Under Chapter 78, all employees were required to contribute to their health care coverage based on a percentage of their premium, which increased as their salaries rose. Under S-2273, no employee will pay more than what was required under Chapter 78.
Will There Be Any Other New Plan Options? Yes. The SEHBP will also, by July 2021, establish a “Garden State Health Plan” (GSHP). The level of benefits will be equivalent to those of the NJEHP, except that the GSHP’s network will consist solely of New Jersey-based providers. According to the Senate Majority Office, care delivered outside of New Jersey is 50% to 100% greater than the same services provided in-state.
For any employee who enrolls in the Garden State Plan, their contributions will be half of what is required for NJEHP enrollees.
If Enacted, When Would the Bill Go into Effect? The bill would go into effect immediately and beginning July 1, 2020, the SEHBP will start offering the new NJEHP. A special open enrollment period will be held that will allow employees to opt into the new plan. Any employee who does not affirmatively select a plan during this period will be automatically enrolled in the NJEHP.
If it is deemed impractical to begin offering the new plan by that date, then it may be delayed by a month, but no later than August 1.
Is the Legislation Permanent? No. Similar to Chapter 78, the bill includes a sunset provision. The new salary-based contribution schedule would remain in effect through June 30, 2027. The level of benefits in the NJEHP, GSHP, NJ Direct 10 and NJ Direct 15 would also remain unchanged for that period.
Beginning July 1, 2027, the new plans will be reevaluated by the SEHBP and at the local level. At that point, benefit levels and employee contributions may be altered through collective negotiations. Such negotiations would be conducted as if the contributions required under S-2273 were included in the prior contract.
Will It Save Districts Money? When the agreement was announced, it was reported that the plan would result in over $1 billion savings annually, with boards of education realizing an estimated $640 million in savings. Employees would save approximately $400 million in premium contributions. The bulk of the savings would be achieved through reduced out-of-network and prescription drug costs. It is unclear how much individual school districts can expect to save, and the NJSBA has requested that a comprehensive, district-by-district analysis of the bill’s fiscal impact be completed before the bill obtains final passage.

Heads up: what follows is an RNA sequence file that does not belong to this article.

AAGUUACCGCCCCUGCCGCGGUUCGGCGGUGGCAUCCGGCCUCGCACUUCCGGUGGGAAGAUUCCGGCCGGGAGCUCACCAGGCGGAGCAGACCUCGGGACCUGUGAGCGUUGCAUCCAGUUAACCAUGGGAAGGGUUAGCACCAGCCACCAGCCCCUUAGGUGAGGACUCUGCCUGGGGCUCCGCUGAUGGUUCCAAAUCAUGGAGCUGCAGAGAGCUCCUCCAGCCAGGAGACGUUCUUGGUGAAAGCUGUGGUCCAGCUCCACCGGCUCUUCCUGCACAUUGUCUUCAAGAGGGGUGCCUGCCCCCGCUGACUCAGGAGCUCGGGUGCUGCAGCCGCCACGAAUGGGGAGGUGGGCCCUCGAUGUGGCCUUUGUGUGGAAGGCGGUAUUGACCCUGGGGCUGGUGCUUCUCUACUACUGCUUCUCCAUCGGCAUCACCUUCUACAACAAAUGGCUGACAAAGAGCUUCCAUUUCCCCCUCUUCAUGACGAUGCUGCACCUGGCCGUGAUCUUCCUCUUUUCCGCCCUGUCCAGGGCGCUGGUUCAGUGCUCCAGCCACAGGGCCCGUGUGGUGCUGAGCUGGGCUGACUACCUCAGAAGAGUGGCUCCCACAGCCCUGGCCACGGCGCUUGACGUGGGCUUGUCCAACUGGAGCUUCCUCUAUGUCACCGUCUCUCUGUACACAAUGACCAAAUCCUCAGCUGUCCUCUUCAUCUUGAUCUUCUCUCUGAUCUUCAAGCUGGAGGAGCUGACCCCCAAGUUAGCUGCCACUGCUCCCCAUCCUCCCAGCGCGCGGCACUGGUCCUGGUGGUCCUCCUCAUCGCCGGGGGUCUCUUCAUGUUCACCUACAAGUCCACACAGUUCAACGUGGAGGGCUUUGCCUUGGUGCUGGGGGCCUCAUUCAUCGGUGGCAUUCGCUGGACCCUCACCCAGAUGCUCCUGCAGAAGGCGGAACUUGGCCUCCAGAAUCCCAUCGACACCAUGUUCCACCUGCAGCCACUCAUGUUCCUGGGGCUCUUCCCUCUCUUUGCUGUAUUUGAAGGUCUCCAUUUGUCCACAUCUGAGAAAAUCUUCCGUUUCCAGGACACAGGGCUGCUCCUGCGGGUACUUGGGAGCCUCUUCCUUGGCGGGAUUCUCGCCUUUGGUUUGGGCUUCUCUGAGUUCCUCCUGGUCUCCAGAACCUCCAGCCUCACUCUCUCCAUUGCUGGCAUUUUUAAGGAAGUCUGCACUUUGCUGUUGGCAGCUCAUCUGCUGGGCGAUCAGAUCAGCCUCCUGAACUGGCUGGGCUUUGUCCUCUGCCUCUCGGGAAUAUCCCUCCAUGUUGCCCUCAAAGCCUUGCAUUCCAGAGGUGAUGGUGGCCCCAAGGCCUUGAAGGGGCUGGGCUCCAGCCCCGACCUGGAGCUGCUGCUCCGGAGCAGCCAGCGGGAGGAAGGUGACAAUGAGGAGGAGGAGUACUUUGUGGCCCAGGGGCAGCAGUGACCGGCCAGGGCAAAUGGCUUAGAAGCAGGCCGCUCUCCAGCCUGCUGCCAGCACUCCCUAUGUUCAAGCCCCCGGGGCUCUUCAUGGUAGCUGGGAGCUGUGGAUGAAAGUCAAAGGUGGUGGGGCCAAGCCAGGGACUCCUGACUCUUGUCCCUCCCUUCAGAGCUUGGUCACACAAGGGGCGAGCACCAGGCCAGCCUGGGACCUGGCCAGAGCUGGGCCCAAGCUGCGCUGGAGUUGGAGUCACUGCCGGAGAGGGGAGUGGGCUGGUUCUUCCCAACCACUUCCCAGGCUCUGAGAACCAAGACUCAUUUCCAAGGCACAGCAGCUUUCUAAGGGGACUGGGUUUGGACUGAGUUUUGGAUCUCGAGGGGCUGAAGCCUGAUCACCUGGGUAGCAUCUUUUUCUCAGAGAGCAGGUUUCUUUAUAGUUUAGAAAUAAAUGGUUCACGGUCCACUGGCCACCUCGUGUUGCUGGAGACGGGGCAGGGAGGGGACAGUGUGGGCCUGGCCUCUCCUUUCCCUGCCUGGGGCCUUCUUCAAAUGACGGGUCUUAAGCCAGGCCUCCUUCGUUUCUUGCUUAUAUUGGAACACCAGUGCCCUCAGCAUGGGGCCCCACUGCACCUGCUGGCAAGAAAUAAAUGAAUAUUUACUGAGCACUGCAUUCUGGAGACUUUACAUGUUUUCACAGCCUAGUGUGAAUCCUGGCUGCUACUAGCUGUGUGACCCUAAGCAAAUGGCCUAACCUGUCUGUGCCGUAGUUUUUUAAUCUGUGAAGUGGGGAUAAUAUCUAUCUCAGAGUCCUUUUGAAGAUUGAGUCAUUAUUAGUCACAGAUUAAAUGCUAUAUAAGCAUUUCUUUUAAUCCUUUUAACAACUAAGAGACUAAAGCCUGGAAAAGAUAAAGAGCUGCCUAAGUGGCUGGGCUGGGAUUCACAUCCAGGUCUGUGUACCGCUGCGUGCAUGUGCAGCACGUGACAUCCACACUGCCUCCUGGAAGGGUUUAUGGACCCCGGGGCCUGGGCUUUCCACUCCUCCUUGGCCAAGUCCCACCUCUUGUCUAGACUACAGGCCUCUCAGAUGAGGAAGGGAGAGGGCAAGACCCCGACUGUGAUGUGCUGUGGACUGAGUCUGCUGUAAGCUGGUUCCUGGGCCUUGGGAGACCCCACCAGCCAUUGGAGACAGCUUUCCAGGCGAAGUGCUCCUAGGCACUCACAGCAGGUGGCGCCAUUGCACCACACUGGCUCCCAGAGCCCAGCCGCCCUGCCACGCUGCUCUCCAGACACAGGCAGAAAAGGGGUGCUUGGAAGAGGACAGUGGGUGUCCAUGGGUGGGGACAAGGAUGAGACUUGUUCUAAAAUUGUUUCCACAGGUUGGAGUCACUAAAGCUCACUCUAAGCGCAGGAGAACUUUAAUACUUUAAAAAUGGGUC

Can the Savings Be Used for Any Purpose? Not for all districts. The bill requires any district spending above adequacy, according to the state’s school funding formula, to use any savings achieved under the bill to reduce its tax levy by the amount saved. The bill, as currently structured, places no restrictions on how districts spending below adequacy may apply the savings.
What about Districts That Do Not Participate in the SEHBP? The bill’s provisions also apply to boards of education that do not provide coverage through the state plan, including those which self-insure or are part of a joint insurance fund. Beginning July 1, 2020, those boards would have to offer options that have the exact same plan design as the NJEHP (and the GSHP beginning July 1, 2021). Any employee who opts into the new plans will move into the percentage of salary contribution schedule as specified in the bill, which would not be subject to change through June 30, 2027.